Read This Before You Short VXX and XIV

You can short these two diametrically opposed volatility products, but it's not going to be simple

by Adam Warner

    Published on Apr 8, 2015 at 8:17 AM
    Updated on Apr 20, 2015 at 5:32 PM

    So we know that iPath S&P 500 VIX Short-Term Futures ETN (VXX) essentially will always decline over time. And we know that a VelocityShares Daily Inverse VIX Short-Term ETN (XIV) long will underperform a VXX short over time. It begs a good question:


    It's certainly tempting. I do know of a neighbor that runs a fund dedicated to pairing exchange-traded products like these and other inverse pairs in order to short them all. But it's not as simple as meets the eye.

    First, let me note something I left out the other day: I didn't factor in short borrowing costs in any of my numbers. That's partly because it's mostly small or nonexistent in VXX, and partly because it's not consistent over time.

    It could also work both ways. VXX can get a large float, interest rates could rise (really, they can), and you could actually earn money shorting and lending. And conversely, the long side (XIV) could cost money to hold. Most of that is close to true now, but it could all happen.

    That's a long-winded way of saying there's no consideration of borrowing costs now, but yes, that could lower the relative returns of a VXX short. And it would reduce returns of shorting both sides, as you will likely pay borrowing costs on XIV.

    Second -- and more importantly -- shorting both sides of any ETF or ETN pair gets you de facto short gamma. Suppose you're short $100,000 of each, and on day one, VXX lifts 10%. You're now short $110,000 VXX and short $90,000 XIV, meaning you're now net short $20,000 VXX. You can rebalance, of course … but then you lose the advantage you sought to create by shorting both. It makes more sense in the context of the fund to leave the position on. Remember, the goal is to essentially capture the mutual attrition.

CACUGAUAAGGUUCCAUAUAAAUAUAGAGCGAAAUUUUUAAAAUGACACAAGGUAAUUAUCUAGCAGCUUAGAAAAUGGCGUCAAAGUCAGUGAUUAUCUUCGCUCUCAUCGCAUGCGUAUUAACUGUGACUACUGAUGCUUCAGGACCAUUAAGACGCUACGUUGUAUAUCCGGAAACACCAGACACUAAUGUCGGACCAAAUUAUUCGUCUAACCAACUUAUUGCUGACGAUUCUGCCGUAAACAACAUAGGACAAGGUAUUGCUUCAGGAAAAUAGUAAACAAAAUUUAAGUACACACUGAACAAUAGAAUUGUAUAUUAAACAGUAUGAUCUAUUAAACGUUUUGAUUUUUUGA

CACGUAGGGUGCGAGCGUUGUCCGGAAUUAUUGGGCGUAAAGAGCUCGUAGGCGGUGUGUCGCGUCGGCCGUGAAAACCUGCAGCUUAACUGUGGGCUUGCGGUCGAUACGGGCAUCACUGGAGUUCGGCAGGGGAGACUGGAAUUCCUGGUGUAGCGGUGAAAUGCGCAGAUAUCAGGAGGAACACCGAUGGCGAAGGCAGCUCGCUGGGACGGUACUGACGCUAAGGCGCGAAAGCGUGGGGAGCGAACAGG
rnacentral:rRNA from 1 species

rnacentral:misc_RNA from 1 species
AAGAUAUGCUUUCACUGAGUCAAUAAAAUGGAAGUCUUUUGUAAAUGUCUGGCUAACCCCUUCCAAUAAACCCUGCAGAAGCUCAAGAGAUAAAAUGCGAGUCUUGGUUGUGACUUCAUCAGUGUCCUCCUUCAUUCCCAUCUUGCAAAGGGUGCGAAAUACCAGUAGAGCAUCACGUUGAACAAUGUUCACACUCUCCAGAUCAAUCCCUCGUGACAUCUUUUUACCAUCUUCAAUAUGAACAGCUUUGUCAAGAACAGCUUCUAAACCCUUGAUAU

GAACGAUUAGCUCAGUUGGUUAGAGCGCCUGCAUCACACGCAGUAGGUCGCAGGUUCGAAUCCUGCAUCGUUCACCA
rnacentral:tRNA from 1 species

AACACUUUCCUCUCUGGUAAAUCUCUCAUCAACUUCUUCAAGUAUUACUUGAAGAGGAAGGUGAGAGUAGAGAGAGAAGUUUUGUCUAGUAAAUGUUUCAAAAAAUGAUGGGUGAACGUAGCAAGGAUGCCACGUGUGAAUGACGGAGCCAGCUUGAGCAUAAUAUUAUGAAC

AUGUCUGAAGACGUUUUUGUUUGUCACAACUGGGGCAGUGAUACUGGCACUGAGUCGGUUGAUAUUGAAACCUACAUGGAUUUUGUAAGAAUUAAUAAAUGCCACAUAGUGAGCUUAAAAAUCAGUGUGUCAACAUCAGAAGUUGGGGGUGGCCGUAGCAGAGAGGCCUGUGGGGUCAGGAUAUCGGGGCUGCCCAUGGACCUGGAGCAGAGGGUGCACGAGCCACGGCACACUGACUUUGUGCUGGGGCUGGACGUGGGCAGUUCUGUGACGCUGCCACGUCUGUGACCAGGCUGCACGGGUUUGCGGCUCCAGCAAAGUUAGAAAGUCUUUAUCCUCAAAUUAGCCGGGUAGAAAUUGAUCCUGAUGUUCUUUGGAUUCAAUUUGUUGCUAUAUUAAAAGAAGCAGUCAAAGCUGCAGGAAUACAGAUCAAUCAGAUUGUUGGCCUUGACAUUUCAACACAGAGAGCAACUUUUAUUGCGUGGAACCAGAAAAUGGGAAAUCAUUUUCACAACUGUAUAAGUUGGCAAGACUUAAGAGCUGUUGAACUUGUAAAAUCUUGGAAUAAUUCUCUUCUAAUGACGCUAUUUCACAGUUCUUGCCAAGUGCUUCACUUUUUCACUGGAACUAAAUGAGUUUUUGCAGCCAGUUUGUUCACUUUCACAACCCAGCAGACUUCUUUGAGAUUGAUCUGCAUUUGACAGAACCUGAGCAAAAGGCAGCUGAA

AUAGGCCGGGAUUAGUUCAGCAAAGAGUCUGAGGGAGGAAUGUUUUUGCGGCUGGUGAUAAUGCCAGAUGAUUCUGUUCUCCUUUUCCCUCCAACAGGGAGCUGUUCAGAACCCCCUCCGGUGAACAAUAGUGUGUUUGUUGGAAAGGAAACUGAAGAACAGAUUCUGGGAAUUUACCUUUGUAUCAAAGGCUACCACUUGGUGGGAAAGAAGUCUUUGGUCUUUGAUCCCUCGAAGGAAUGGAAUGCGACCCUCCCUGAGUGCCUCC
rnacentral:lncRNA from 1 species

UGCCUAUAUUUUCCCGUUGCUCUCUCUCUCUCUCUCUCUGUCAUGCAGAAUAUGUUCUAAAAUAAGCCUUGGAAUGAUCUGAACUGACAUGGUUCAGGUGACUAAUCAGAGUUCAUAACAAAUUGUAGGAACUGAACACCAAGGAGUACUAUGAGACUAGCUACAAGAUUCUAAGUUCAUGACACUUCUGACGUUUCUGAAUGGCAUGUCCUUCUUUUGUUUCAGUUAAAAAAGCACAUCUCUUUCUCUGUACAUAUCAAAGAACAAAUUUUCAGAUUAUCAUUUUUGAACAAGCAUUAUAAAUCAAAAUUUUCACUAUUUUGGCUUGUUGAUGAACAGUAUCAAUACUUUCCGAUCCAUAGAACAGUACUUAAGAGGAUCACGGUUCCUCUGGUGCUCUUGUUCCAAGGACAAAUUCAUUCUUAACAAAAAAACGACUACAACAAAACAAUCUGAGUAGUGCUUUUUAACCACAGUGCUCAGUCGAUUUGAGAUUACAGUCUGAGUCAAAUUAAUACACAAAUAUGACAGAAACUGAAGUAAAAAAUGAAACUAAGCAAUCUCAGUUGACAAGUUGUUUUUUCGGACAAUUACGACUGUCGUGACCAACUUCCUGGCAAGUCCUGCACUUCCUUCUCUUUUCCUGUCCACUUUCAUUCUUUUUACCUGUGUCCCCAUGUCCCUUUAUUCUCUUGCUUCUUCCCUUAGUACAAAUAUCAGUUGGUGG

And that's fine if VXX drifts back. But what if the move keeps on going? You will effectively keep getting shorter and shorter VXX. Eventually you'll have to cover, probably near when the move stops.

    Does this dynamic all sound familiar? That's because it's the same experience as if you shorted gamma in VXX options (or something similar). The options will decay over time, and if nothing very unusual happens in VXX, you'll win. But if VXX makes a big move, you'll have to scramble to cover.

    I do like the idea of shorting both VXX and XIV, paying the borrowing costs, and waiting it out. But it's potentially a much trickier combo than meets the eye.

    Disclaimer: Mr. Warner's opinions expressed above do not necessarily represent the views of Schaeffer's Investment Research.


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